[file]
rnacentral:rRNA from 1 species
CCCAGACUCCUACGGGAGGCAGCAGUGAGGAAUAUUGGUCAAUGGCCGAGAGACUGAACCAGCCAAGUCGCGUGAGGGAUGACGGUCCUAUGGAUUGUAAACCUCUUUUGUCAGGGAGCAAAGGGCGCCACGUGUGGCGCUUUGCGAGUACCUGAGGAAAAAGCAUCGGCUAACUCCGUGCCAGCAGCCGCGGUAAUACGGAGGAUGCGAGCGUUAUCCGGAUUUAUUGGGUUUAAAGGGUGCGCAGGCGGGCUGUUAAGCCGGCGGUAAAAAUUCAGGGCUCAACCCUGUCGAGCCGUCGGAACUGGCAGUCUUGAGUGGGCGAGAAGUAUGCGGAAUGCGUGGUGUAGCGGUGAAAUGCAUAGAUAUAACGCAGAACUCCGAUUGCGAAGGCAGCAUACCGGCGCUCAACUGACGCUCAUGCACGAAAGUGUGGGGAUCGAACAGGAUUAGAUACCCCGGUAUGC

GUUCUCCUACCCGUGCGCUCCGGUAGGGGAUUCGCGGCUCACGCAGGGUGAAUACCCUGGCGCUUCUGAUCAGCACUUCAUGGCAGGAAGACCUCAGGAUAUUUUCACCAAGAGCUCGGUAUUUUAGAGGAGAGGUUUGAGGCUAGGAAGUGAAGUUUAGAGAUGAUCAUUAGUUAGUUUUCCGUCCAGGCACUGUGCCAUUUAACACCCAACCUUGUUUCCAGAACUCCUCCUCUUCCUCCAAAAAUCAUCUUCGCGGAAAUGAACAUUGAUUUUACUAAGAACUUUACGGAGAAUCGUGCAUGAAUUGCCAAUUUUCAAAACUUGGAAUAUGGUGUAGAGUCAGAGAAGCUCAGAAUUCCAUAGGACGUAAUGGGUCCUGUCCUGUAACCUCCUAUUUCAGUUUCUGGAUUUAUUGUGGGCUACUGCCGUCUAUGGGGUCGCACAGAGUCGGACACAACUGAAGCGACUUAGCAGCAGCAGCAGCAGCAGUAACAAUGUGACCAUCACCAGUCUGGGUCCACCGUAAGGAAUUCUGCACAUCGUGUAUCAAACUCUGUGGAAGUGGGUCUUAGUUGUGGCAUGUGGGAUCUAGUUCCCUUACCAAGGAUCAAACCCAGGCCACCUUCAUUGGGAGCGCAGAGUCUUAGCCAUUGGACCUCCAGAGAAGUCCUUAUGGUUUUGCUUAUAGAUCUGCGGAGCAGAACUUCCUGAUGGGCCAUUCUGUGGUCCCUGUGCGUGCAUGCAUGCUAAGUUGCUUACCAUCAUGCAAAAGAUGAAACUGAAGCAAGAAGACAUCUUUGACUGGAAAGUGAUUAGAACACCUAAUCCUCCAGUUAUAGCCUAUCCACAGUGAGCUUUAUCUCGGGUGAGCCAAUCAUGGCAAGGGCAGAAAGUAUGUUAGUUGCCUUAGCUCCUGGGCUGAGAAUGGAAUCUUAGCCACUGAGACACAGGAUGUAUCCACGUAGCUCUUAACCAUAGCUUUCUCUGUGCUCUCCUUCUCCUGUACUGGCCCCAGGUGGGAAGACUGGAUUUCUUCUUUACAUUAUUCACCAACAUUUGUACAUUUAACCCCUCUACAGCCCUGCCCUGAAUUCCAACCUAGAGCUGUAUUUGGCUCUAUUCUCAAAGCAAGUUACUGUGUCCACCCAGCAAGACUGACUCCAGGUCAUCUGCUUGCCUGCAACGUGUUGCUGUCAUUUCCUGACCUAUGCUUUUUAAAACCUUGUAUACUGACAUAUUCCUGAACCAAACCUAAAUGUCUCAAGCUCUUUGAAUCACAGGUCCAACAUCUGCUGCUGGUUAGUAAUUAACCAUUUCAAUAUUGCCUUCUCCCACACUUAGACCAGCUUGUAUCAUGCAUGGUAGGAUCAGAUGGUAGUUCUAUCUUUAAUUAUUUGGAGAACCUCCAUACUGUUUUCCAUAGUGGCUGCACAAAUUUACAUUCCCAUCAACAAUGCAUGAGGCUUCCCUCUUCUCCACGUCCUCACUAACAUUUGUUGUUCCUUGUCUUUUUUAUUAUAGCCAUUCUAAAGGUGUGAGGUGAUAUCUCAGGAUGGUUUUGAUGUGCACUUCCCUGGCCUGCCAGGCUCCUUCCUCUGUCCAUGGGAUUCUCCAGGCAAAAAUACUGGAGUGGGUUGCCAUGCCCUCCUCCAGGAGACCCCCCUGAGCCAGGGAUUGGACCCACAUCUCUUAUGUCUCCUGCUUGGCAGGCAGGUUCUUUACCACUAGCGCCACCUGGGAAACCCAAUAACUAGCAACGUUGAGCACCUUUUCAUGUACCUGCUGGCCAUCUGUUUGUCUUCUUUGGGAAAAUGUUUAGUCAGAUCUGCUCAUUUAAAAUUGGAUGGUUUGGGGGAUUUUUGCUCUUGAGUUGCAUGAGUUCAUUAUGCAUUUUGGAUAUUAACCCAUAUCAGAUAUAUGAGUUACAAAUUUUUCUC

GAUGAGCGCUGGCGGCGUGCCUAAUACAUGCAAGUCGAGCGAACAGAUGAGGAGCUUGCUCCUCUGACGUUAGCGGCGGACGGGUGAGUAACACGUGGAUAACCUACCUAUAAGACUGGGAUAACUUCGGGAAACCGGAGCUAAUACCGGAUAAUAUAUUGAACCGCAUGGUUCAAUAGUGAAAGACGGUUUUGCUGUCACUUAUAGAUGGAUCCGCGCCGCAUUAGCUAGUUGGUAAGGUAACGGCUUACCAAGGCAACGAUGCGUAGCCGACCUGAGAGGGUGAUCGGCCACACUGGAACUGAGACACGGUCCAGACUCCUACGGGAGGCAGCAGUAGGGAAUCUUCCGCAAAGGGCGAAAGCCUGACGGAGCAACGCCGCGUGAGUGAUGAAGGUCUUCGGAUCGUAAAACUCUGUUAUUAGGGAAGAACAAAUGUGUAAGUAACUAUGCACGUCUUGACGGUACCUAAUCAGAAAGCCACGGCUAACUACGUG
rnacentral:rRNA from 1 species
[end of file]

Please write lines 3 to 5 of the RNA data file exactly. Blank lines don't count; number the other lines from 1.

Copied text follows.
GUUCUCCUACCCGUGCGCUCCGGUAGGGGAUUCGCGGCUCACGCAGGGUGAAUACCCUGGCGCUUCUGAUCAGCACUUCAUGGCAGGAAGACCUCAGGAUAUUUUCACCAAGAGCUCGGUAUUUUAGAGGAGAGGUUUGAGGCUAGGAAGUGAAGUUUAGAGAUGAUCAUUAGUUAGUUUUCCGUCCAGGCACUGUGCCAUUUAACACCCAACCUUGUUUCCAGAACUCCUCCUCUUCCUCCAAAAAUCAUCUUCGCGGAAAUGAACAUUGAUUUUACUAAGAACUUUACGGAGAAUCGUGCAUGAAUUGCCAAUUUUCAAAACUUGGAAUAUGGUGUAGAGUCAGAGAAGCUCAGAAUUCCAUAGGACGUAAUGGGUCCUGUCCUGUAACCUCCUAUUUCAGUUUCUGGAUUUAUUGUGGGCUACUGCCGUCUAUGGGGUCGCACAGAGUCGGACACAACUGAAGCGACUUAGCAGCAGCAGCAGCAGCAGUAACAAUGUGACCAUCACCAGUCUGGGUCCACCGUAAGGAAUUCUGCACAUCGUGUAUCAAACUCUGUGGAAGUGGGUCUUAGUUGUGGCAUGUGGGAUCUAGUUCCCUUACCAAGGAUCAAACCCAGGCCACCUUCAUUGGGAGCGCAGAGUCUUAGCCAUUGGACCUCCAGAGAAGUCCUUAUGGUUUUGCUUAUAGAUCUGCGGAGCAGAACUUCCUGAUGGGCCAUUCUGUGGUCCCUGUGCGUGCAUGCAUGCUAAGUUGCUUACCAUCAUGCAAAAGAUGAAACUGAAGCAAGAAGACAUCUUUGACUGGAAAGUGAUUAGAACACCUAAUCCUCCAGUUAUAGCCUAUCCACAGUGAGCUUUAUCUCGGGUGAGCCAAUCAUGGCAAGGGCAGAAAGUAUGUUAGUUGCCUUAGCUCCUGGGCUGAGAAUGGAAUCUUAGCCACUGAGACACAGGAUGUAUCCACGUAGCUCUUAACCAUAGCUUUCUCUGUGCUCUCCUUCUCCUGUACUGGCCCCAGGUGGGAAGACUGGAUUUCUUCUUUACAUUAUUCACCAACAUUUGUACAUUUAACCCCUCUACAGCCCUGCCCUGAAUUCCAACCUAGAGCUGUAUUUGGCUCUAUUCUCAAAGCAAGUUACUGUGUCCACCCAGCAAGACUGACUCCAGGUCAUCUGCUUGCCUGCAACGUGUUGCUGUCAUUUCCUGACCUAUGCUUUUUAAAACCUUGUAUACUGACAUAUUCCUGAACCAAACCUAAAUGUCUCAAGCUCUUUGAAUCACAGGUCCAACAUCUGCUGCUGGUUAGUAAUUAACCAUUUCAAUAUUGCCUUCUCCCACACUUAGACCAGCUUGUAUCAUGCAUGGUAGGAUCAGAUGGUAGUUCUAUCUUUAAUUAUUUGGAGAACCUCCAUACUGUUUUCCAUAGUGGCUGCACAAAUUUACAUUCCCAUCAACAAUGCAUGAGGCUUCCCUCUUCUCCACGUCCUCACUAACAUUUGUUGUUCCUUGUCUUUUUUAUUAUAGCCAUUCUAAAGGUGUGAGGUGAUAUCUCAGGAUGGUUUUGAUGUGCACUUCCCUGGCCUGCCAGGCUCCUUCCUCUGUCCAUGGGAUUCUCCAGGCAAAAAUACUGGAGUGGGUUGCCAUGCCCUCCUCCAGGAGACCCCCCUGAGCCAGGGAUUGGACCCACAUCUCUUAUGUCUCCUGCUUGGCAGGCAGGUUCUUUACCACUAGCGCCACCUGGGAAACCCAAUAACUAGCAACGUUGAGCACCUUUUCAUGUACCUGCUGGCCAUCUGUUUGUCUUCUUUGGGAAAAUGUUUAGUCAGAUCUGCUCAUUUAAAAUUGGAUGGUUUGGGGGAUUUUUGCUCUUGAGUUGCAUGAGUUCAUUAUGCAUUUUGGAUAUUAACCCAUAUCAGAUAUAUGAGUUACAAAUUUUUCUC

GAUGAGCGCUGGCGGCGUGCCUAAUACAUGCAAGUCGAGCGAACAGAUGAGGAGCUUGCUCCUCUGACGUUAGCGGCGGACGGGUGAGUAACACGUGGAUAACCUACCUAUAAGACUGGGAUAACUUCGGGAAACCGGAGCUAAUACCGGAUAAUAUAUUGAACCGCAUGGUUCAAUAGUGAAAGACGGUUUUGCUGUCACUUAUAGAUGGAUCCGCGCCGCAUUAGCUAGUUGGUAAGGUAACGGCUUACCAAGGCAACGAUGCGUAGCCGACCUGAGAGGGUGAUCGGCCACACUGGAACUGAGACACGGUCCAGACUCCUACGGGAGGCAGCAGUAGGGAAUCUUCCGCAAAGGGCGAAAGCCUGACGGAGCAACGCCGCGUGAGUGAUGAAGGUCUUCGGAUCGUAAAACUCUGUUAUUAGGGAAGAACAAAUGUGUAAGUAACUAUGCACGUCUUGACGGUACCUAAUCAGAAAGCCACGGCUAACUACGUG
rnacentral:rRNA from 1 species